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Our Story Begins: 5 Things You Could Learn From A Single Parent

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Our Story Begins:
Things You Could Learn From A
Single Parent

It sounds like a bold statement:

You really could learn a thing or two by having to be the only parent in your household. I did, even though mine was through necessity.

It may actually be a better statement that we all – my kids and I – learned a lot from my having to be a single parent.

It’s not that being a dual-parent household isn’t better.  It is infinitely better, at least from my experience. But there are things you might not have considered that are after-effects of necessity and so here are the things I never thought about before having to be a single parent.

Halloween

Be Selective.

When my kids were smaller, up there in that Halloween photo, my wife and I had far too many things on our plate even for 2 parents. One had volleyball and basketball. Another had basketball and guitar lessons. The boys had basketball and Boy Scouts. We epitomized being chauffeurs instead of parents. When my wife passed away I could only afford to let them each have one extracurricular activity. It has to be on weekends or evenings when I can get them to and from places. Otherwise I’d never work and we need that paycheck in order to, you know, eat and stuff.

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Independence

My kids had an excursion with their 20-year-old sister to a museum a long ways from our home. Before they would never have done that insisting that their Dad be along with them. Now, however, it was kind of cool to be able to do something together as siblings and they have gained so much maturity in the last couple years they didn’t even think about whether they could. They just assumed they could.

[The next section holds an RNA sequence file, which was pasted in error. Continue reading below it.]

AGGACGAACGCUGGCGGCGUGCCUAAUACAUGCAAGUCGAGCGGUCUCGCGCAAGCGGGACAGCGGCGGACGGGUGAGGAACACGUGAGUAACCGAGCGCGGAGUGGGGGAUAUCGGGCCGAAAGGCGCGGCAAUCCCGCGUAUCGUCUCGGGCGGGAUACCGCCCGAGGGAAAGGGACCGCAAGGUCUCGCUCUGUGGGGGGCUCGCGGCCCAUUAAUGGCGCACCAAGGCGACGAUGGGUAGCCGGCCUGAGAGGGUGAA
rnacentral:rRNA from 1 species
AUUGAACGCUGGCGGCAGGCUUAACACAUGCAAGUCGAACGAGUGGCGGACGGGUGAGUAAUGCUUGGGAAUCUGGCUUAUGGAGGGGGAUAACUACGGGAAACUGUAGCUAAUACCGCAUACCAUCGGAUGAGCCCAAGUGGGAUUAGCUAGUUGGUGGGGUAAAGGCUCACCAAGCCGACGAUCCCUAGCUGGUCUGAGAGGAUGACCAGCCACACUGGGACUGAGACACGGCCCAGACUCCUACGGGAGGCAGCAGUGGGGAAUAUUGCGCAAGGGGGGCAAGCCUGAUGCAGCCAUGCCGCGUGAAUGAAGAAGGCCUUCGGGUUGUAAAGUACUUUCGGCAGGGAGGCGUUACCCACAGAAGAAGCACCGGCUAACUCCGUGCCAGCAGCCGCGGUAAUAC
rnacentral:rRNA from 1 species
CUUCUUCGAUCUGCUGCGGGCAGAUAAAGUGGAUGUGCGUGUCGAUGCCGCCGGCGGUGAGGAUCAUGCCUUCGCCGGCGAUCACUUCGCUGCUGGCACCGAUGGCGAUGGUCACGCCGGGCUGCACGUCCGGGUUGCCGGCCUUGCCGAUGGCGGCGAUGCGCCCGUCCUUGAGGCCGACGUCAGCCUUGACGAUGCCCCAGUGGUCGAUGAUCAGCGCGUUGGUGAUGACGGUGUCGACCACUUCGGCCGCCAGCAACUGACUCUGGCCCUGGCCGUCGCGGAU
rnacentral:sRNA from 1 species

coaster

Land the Helicopter

Life is more a roller coaster, anyway. The days where jumping in where my kids have minor problems just disappeared. I have always been big on my kids having to problem-solve or deal with problems head-on anyway. I can’t just drop everything and go to the school or do their homework for them or put their projects together for them. They learn this way – which, in case you forgot, is the point…THEIR learning. When one child started to fail classes I didn’t rush in and complain and try to force the school to change the grade. I worked with the teacher to get it better. My kids, though, learned how to solve their own problems unless it was one that needed my attention. That one failing classes, by the way?  She’s in honors classes now.

Related: Tales from a Twin Mom: Four Things You’ll Learn the First Year of Parenthood

Learn What You Don’t Know

The hardest part of all this is admitting when you don’t or can’t figure things out. When my son was having behavioral problems at school and couldn’t face the grief of losing his mother I tried everything I knew and could to help him. In the end, the best thing I ever did was get a recommendation for a therapist that did help him. While I probably should have seen a therapist myself the fact that I recognized I – in complete honesty – didn’t know what to do was the biggest, hardest step and the most valuable one. He’s now brave, stable, and told he only needs to see the therapist if he needs it.

Fair again

Have More Fun!

In the end, all that helicoptering and taxiing were detrimental. One thing we learned is that when we’re together nothing can break us. We also learned that life is too serious already so we should face it having as much fun and laughing as much as we can. When a photo booth shows up, we look like this. When a map of the whole Sierras is made on the ground, we act like Godzilla and walk on it. It’s not rocket surgery, it’s life. Too many people take that too seriously already.

You may not think these are amazing things or important, but they really made a huge difference. I have smart, independent, moral, strong kids. All this from my having to take a step back from necessity. Imagine how things would be if I’d learned that lesson a lot earlier?

What about you? Do you do more taxiing than living? Do you miss the moments in the heat of life?

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